Florida, Puerto Rico Airports Boosting Security after Gun-Smuggling Arrests

ORLANDO, Florida_Federal officials are temporarily beefing up security at four Florida airports and one in Puerto Rico after baggage handlers were accused of smuggling guns aboard a commercial airliner last week, authorities said Tuesday.

More than 160 security officers, aviation inspectors, federal air marshals and others were being dispatched to international airports in Orlando, Tampa, Miami, Fort Lauderdale and San Juan, Puerto Rico. The officers will be in place for a few days before rotating to other airports.

Authorities found handguns and an assault rifle on board a flight from Orlando to San Juan.

Orlando airport officials want to make the increased security permanent, TSA spokesman Earl Morris said, adding the full employee screening is now planned for only a "couple of days."

Orlando could be just the second U.S. airport to implement physical screening for employees, after Miami began the practice in 1999 following its own smuggling incident. Other airports rely on background checks before people are hired and random physical searches, both self-conducted and those done by TSA.

Orlando airport spokeswoman Carolyn Fennell called the screenings a first step, but said officials still weren't sure what else they'd do or when.

"We will have to look at our budget and find the money," she said. "It may mean we will not do some projects that are planned or previously budgeted for. It is very important that we have confidence in the systems here."

The TSA was criticized last week after law enforcement officials made four arrests in connection with a drug-smuggling ring that bypassed Orlando airport security to send guns and drugs to Puerto Rico.

Two airline baggage handlers allegedly used their employee uniforms and airport identification cards to enter restricted areas and avoid security screeners.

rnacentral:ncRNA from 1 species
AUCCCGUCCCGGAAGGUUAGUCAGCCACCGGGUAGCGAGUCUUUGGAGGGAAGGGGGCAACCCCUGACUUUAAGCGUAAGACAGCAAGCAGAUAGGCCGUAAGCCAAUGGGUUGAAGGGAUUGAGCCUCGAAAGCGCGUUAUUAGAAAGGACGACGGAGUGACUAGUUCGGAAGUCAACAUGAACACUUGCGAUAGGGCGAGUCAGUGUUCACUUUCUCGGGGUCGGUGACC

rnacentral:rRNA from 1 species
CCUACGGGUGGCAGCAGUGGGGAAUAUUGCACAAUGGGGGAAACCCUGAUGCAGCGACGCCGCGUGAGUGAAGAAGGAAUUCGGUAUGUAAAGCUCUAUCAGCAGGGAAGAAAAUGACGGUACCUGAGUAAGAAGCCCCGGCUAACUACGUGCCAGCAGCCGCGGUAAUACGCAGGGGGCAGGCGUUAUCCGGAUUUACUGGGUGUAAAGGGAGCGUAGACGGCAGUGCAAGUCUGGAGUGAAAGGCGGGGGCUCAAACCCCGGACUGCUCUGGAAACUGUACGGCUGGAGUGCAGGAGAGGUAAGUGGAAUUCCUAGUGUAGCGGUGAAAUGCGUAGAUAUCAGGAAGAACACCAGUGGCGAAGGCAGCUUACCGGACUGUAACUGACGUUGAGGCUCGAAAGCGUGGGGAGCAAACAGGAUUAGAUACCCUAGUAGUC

TSA officials called the increased presence at Florida airports a "security surge," focusing on employees with access to sensitive areas, such as baggage handlers and mechanics.

"More surges are planned, but we won't obviously announce where and when," TSA spokesman Christopher White said.

In the short term, the influx of federal agents will help screen Orlando's airport work force, officials said. Beyond that, the airport must either hire its own extra screeners or receive special approval from the federal government for TSA officers to conduct it.

"We are looking at our resources to see if we can keep our officers here longer," TSA spokesman Earl Morris said. "We have to evaluate the potential impact to the other 451 airports that TSA supports."

Miami International Airport spokesman Marc Henderson said the Miami airport started screening employees in 1999 after a drug smuggling there. He said an estimated 7,400 of the 35,000 employees on property pass through checkpoints everyday to reach the airfield. The employee searches are handled by private contractors.

Fennell said she could not estimate how many of the Orlando airport's 16,000 employees would be screened.

<<Associated Press WorldStream -- 03/15/07>>

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